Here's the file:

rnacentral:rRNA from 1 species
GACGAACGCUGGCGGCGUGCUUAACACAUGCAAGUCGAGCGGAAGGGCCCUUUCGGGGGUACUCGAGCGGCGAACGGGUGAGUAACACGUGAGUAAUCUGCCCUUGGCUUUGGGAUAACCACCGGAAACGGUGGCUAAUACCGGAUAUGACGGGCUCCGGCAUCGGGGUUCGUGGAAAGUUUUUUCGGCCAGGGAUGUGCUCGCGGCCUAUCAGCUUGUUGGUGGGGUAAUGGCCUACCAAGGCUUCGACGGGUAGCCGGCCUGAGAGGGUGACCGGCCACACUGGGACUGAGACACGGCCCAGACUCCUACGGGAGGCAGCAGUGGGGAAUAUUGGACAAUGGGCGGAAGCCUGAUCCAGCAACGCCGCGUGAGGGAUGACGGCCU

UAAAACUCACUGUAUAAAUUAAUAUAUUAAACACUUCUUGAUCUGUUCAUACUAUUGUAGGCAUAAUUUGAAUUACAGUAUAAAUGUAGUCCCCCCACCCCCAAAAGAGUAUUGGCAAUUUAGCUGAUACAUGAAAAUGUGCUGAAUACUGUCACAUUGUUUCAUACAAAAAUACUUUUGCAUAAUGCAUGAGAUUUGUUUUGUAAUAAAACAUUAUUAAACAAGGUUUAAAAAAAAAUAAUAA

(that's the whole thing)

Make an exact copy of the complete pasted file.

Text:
rnacentral:rRNA from 1 species
GACGAACGCUGGCGGCGUGCUUAACACAUGCAAGUCGAGCGGAAGGGCCCUUUCGGGGGUACUCGAGCGGCGAACGGGUGAGUAACACGUGAGUAAUCUGCCCUUGGCUUUGGGAUAACCACCGGAAACGGUGGCUAAUACCGGAUAUGACGGGCUCCGGCAUCGGGGUUCGUGGAAAGUUUUUUCGGCCAGGGAUGUGCUCGCGGCCUAUCAGCUUGUUGGUGGGGUAAUGGCCUACCAAGGCUUCGACGGGUAGCCGGCCUGAGAGGGUGACCGGCCACACUGGGACUGAGACACGGCCCAGACUCCUACGGGAGGCAGCAGUGGGGAAUAUUGGACAAUGGGCGGAAGCCUGAUCCAGCAACGCCGCGUGAGGGAUGACGGCCU

UAAAACUCACUGUAUAAAUUAAUAUAUUAAACACUUCUUGAUCUGUUCAUACUAUUGUAGGCAUAAUUUGAAUUACAGUAUAAAUGUAGUCCCCCCACCCCCAAAAGAGUAUUGGCAAUUUAGCUGAUACAUGAAAAUGUGCUGAAUACUGUCACAUUGUUUCAUACAAAAAUACUUUUGCAUAAUGCAUGAGAUUUGUUUUGUAAUAAAACAUUAUUAAACAAGGUUUAAAAAAAAAUAAUAA